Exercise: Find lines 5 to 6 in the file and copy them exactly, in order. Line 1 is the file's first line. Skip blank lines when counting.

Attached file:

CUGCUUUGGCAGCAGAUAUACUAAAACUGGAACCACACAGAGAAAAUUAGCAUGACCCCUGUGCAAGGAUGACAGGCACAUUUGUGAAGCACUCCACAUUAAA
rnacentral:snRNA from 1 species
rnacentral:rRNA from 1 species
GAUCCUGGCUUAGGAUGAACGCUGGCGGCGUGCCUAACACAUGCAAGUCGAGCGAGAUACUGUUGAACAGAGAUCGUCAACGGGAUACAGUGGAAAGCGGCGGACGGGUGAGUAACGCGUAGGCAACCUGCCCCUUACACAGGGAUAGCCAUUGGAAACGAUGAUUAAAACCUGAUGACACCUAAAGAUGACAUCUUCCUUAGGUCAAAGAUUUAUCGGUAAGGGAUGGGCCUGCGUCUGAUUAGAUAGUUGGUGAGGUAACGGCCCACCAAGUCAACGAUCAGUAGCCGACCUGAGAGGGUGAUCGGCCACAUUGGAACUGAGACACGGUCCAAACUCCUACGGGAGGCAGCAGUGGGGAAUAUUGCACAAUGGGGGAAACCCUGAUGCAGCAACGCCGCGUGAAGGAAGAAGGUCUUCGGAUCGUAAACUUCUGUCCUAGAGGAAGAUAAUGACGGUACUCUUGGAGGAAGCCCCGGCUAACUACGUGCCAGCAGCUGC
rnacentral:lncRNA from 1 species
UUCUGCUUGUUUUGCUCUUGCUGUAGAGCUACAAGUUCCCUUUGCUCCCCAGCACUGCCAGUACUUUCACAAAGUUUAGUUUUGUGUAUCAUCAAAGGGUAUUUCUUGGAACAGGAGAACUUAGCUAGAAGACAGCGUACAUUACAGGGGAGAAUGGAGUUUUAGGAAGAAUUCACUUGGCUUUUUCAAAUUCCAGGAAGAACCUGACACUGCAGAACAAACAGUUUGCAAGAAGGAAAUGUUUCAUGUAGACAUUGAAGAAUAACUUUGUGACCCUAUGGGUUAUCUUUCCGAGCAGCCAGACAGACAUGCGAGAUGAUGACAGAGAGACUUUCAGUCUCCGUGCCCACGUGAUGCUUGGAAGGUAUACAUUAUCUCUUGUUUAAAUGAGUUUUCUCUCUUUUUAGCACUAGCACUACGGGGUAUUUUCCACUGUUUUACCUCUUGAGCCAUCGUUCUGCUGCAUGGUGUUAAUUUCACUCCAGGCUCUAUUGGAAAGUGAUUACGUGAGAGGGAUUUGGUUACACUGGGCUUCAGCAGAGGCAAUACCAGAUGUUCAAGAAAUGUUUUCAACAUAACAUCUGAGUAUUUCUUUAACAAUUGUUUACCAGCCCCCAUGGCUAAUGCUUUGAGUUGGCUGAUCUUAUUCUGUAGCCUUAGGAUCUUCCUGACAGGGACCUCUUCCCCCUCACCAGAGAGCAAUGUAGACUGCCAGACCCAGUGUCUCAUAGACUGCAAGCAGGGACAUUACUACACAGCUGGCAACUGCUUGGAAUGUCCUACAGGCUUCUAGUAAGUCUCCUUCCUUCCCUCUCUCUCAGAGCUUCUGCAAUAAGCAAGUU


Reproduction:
rnacentral:lncRNA from 1 species
UUCUGCUUGUUUUGCUCUUGCUGUAGAGCUACAAGUUCCCUUUGCUCCCCAGCACUGCCAGUACUUUCACAAAGUUUAGUUUUGUGUAUCAUCAAAGGGUAUUUCUUGGAACAGGAGAACUUAGCUAGAAGACAGCGUACAUUACAGGGGAGAAUGGAGUUUUAGGAAGAAUUCACUUGGCUUUUUCAAAUUCCAGGAAGAACCUGACACUGCAGAACAAACAGUUUGCAAGAAGGAAAUGUUUCAUGUAGACAUUGAAGAAUAACUUUGUGACCCUAUGGGUUAUCUUUCCGAGCAGCCAGACAGACAUGCGAGAUGAUGACAGAGAGACUUUCAGUCUCCGUGCCCACGUGAUGCUUGGAAGGUAUACAUUAUCUCUUGUUUAAAUGAGUUUUCUCUCUUUUUAGCACUAGCACUACGGGGUAUUUUCCACUGUUUUACCUCUUGAGCCAUCGUUCUGCUGCAUGGUGUUAAUUUCACUCCAGGCUCUAUUGGAAAGUGAUUACGUGAGAGGGAUUUGGUUACACUGGGCUUCAGCAGAGGCAAUACCAGAUGUUCAAGAAAUGUUUUCAACAUAACAUCUGAGUAUUUCUUUAACAAUUGUUUACCAGCCCCCAUGGCUAAUGCUUUGAGUUGGCUGAUCUUAUUCUGUAGCCUUAGGAUCUUCCUGACAGGGACCUCUUCCCCCUCACCAGAGAGCAAUGUAGACUGCCAGACCCAGUGUCUCAUAGACUGCAAGCAGGGACAUUACUACACAGCUGGCAACUGCUUGGAAUGUCCUACAGGCUUCUAGUAAGUCUCCUUCCUUCCCUCUCUCUCAGAGCUUCUGCAAUAAGCAAGUU